Glasgow has been named among 11 urban areas in the UK and Ireland which have breached air pollution safety levels.
The city featured in the data published by the World Health Organisation (WHO).
The health body warned poor air quality caused more than three million deaths around the world every year.
A spokeswoman for Glasgow City Council said it took its responsibility to monitor air quality “very seriously” and its data showed it met air pollution targets in 2015.
As air quality declines, the risk of stroke, heart disease, lung cancer, and chronic and acute respiratory diseases, including asthma, increases among residents, WHO said.
One way the global health body assesses air quality is by examining the levels of a type of pollution known as particulate matter (PMs).
Glasgow was one of a number of places which breached the safe limit set for PM10.
Port Talbot, Stanford-Le-Hope, London, Scunthorpe, Leeds, Eastbourne, Nottingham, Southampton and Oxford, as well the town of Longford in Ireland, also exceeded the safe level.
More than 40 towns and cities across Britain and Ireland breached the safe levels for another measure known as PM2.5.
Glasgow and Prestonpans in East Lothian featured on that list.
WHO said that across the world 80% of cities that measure outdoor air pollution are failing to meet its guidance for safe levels of air quality.
Dr Flavia Bustreo, WHO’s assistant director general for family, women and children’s health, said: “When dirty air blankets our cities, the most vulnerable urban populations – the youngest, oldest and poorest – are the most impacted.”
Jenny Bates, Friends of the Earth air pollution campaigner, said air pollution caused 40,000 early deaths a year in the UK.
He added: “This is a public health crisis. It’s time it was treated that way.
“We need fewer and cleaner vehicles with a Clean Air Zone in every city and large town – and politicians must urgently introduce a diesel scrappage scheme to get the worst polluting vehicles off our roads, as well as more investment in alternatives to driving.”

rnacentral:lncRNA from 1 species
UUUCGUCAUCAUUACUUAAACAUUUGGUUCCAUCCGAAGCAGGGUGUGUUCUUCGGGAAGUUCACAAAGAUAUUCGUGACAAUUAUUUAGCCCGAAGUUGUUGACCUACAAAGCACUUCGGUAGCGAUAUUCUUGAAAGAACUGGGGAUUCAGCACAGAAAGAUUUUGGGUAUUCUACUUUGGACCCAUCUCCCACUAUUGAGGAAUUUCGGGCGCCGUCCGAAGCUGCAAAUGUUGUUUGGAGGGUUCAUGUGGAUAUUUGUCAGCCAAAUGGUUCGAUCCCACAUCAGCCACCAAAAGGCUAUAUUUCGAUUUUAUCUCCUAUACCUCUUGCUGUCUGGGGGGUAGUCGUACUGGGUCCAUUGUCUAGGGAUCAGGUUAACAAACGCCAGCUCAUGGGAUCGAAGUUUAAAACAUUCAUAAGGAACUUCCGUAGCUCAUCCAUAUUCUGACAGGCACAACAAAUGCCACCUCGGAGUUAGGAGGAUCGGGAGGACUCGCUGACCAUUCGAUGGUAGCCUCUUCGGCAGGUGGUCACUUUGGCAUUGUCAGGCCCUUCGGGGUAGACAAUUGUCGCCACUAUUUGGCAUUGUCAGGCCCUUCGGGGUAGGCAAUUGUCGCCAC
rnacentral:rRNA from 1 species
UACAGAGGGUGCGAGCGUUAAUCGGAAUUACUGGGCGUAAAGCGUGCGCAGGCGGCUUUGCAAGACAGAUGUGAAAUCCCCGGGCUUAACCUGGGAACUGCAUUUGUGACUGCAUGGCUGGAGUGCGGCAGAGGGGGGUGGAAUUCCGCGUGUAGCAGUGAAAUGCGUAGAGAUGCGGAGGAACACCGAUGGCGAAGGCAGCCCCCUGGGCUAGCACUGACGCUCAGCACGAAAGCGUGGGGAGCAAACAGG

Dr Penny Woods, chief executive of the British Lung Foundation, said the report was “deeply concerning”.
“It is clear from this report that the UK is facing an air pollution crisis,” she said.
“Unfortunately, the government’s response so far has been inadequate. Swift action must be taken to reduce pollution levels in the UK and protect our lung health.”
A spokeswoman for Glasgow City Council said: “Glasgow has set a target of being one of the most sustainable cities in Europe and we take our responsibility to monitor air quality very seriously.
“In fact the latest data for air quality in the city shows that both the Scottish Air Quality Objective and WHO target level for the pollutants PM10 and PM2.5 were met across the city in 2015.
“While we have made good progress, we recognise there is more to be done. The council is a key partner in the Scottish government’s Clean Air for Scotland Strategy which is intended to define the path to achieving full compliance with the relevant air quality standards over the next few years.”
A total of 40 towns and cities in the UK and Ireland breached safe levels for fine particles in the air, known as PM2.5, according to WHO.
- Longford, Ireland
- Port Talbot
- Bray, Ireland
- Leamington Spa
- Galway, Ireland
- Dublin, Ireland